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IDE drives have much less command overhead for a given sector transfer than do SCSI drives. In addition to the drive-to-controller command overhead that both IDE and SCSI must perform, a SCSI transfer involves negotiating for the SCSI bus; selecting the target drive; requesting data; terminating the transfer over the bus; and finally converting the logical data addresses to the required cylinder, head, and sector addresses. This arrangement gives IDE an advantage in sequential transfers handled by a single-tasking operating system. In a multitasking system that can take advantage of the extra intelligence of the SCSI bus, SCSI can have the performance advantage.
SCSI drives offer significant architectural advantages over IDE and other drives. Because each SCSI drive has its own embedded disk controller that can function independently from the system CPU, the computer can issue simultaneous commands to every drive in the system. Each drive can store these commands in a queue and then perform the commands simultaneously with other drives in the system. The data could be fully buffered on the drive and transferred at high speed over the shared SCSI bus when a time slot was available.
Although IDE drives also have their own controllers, they do not operate simultaneously, and command queuing is not supported. In effect, the dual controllers in a dual-drive IDE installation work one at a time so as not to step on each other.
Although SCSI drives require an additional-cost host adapter card, more and more PCs require tape-backup, CD-ROM, or optical-drive support and thus must still be configured with a SCSI host bus adapter. This means that the incremental cost of supporting SCSI drives is virtually nil, because the SCSI host bus adapter is shared with other devices, such as tape and optical drives. In addition, all major operating systems today include software support for a wide range of SCSI devices.
What are the limitations of IDE?
As you can see, SCSI has some advantages over IDE, especially where expansion is concerned, and also with regard to support for multitasking operating systems. Unfortunately, it also costs more to implement.
By studying the capabilities of the different disk interfaces as well as the ROM BIOS and operating systems, it is possible to determine the limits on disk storage. The following section details the limits under the different interfaces and operating systems.
Different disk interfaces have different limitations on the theoretical maximum drive capacities that they may support. These limitations are due to variations in the way that each interface operates at the hardware level. It is important to note that even though a particular interface may permit access to a given amount of disk real estate, the BIOS and DOS usually are much more limiting and end up being the true limits for system disk capacity.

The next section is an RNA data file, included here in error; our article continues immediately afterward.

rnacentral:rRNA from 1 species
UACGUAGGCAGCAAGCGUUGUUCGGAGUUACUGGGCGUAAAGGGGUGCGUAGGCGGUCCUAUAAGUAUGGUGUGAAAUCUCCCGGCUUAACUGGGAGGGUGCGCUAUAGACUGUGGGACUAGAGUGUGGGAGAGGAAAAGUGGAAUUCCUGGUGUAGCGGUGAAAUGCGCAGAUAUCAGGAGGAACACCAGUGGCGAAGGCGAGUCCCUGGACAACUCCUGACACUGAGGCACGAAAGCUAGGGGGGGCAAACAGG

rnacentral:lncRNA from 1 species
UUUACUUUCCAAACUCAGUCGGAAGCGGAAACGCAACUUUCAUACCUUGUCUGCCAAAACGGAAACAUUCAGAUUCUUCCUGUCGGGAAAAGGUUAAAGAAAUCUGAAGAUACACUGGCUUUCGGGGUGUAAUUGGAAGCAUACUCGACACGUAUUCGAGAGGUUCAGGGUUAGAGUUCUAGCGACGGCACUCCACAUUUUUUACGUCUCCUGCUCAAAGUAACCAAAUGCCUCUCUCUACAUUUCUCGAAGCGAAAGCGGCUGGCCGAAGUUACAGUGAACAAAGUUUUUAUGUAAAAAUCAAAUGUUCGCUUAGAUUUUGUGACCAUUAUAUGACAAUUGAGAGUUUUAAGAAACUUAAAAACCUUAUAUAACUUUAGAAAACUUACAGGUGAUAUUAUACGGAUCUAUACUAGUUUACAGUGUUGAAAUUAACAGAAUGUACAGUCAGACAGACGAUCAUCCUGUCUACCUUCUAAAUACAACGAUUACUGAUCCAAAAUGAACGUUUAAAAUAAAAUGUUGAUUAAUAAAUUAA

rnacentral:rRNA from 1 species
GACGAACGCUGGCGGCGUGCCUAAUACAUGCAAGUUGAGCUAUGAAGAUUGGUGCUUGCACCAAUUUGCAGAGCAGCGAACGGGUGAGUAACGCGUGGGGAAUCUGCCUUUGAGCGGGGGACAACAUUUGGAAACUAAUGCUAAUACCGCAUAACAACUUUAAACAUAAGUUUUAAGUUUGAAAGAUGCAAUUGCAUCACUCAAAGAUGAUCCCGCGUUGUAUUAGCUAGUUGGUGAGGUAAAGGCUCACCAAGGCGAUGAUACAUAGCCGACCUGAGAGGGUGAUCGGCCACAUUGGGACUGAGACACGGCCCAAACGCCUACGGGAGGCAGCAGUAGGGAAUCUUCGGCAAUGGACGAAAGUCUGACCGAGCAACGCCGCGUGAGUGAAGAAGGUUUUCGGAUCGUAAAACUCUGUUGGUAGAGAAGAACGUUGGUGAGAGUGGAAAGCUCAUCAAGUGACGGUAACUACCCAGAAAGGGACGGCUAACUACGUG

ST-506/412, ESDI, and IDE
To determine the capacity limits for the ST-506/412, ESDI, or IDE interface, you first need to determine the limits on the maximum number of cylinders, heads, and sectors per track. To do so, look at the size of the registers that hold this data in the controller. All these interfaces have the same controller register specifications, so the capacity limits calculated here apply to all of them. As you will see, the interface capacity limits are quite high. The drive parameter limits are as follows:
This calculates to a maximum theoretical drive size of:
Unfortunately, the maximum capacity — 128GB — is limited by the BIOS. There are two different BIOS types with regards to disk size limitations. The standard BIOS built into most systems is limited to 1,024 cylinders, 16 heads, and 63 sectors per track. If the BIOS is an enhanced version, it will be limited to 1,024 cylinders, 256 heads, and 63 sectors per track. Combining the BIOS and interface limits results in the following maximum capacities (assuming 512-byte sectors):
If you do not have enhanced BIOS support on your motherboard, you can add an IDE bus adapter that has an on-board enhanced BIOS. To get around such BIOS problems, some IDE drive implementations greater than 528 million bytes split the drive to act as two physical units. In this case, the drive would appear on the IDE bus connector as being both master and slave, and could be used only as two 504MB maximum-size drives.
ATA-2 has defined LBA support for EIDE. This is a Logical Block Address mode where each sector on the drive is numbered from 0 to x. The limitations are that x is a 28-bit number that has a maximum value of 268,435,456. Using 512-byte sectors, this brings the maximum drive capacity to 137,438,953,472. That is coincidentally the same as the IDE internal limit has always been. The LBA is translated by the ATA-2/EIDE enhanced BIOS to the extended Cylinder, Head, and Sector (CHS) parameters which allow a maximum of 1,024 cylinders, 256 heads, and 63 sectors, respectively.
According to the SCSI specification, drives are not addressed by cylinders, heads, and sectors but instead by what is called a Logical Block Address (LBA). This is a sector number in which all the sectors on the drive are numbered sequentially from start to finish. The LBA is specified by a 32-bit number and with 512-byte sectors, results in the following limitation:
As you can see, SCSI drive capacity limits are extremely high. However, because the SCSI drive must appear to the BIOS as being a given number of cylinders, heads, and sectors per track, the BIOS limits SCSI capacity. Virtually all SCSI adapters have an enhanced BIOS that supports a maximum drive capacity as follows (assuming 512-byte sectors):
If you do not have enhanced BIOS support in your SCSI adapter or motherboard, in some cases you can load an external driver for your adapter to provide this support.
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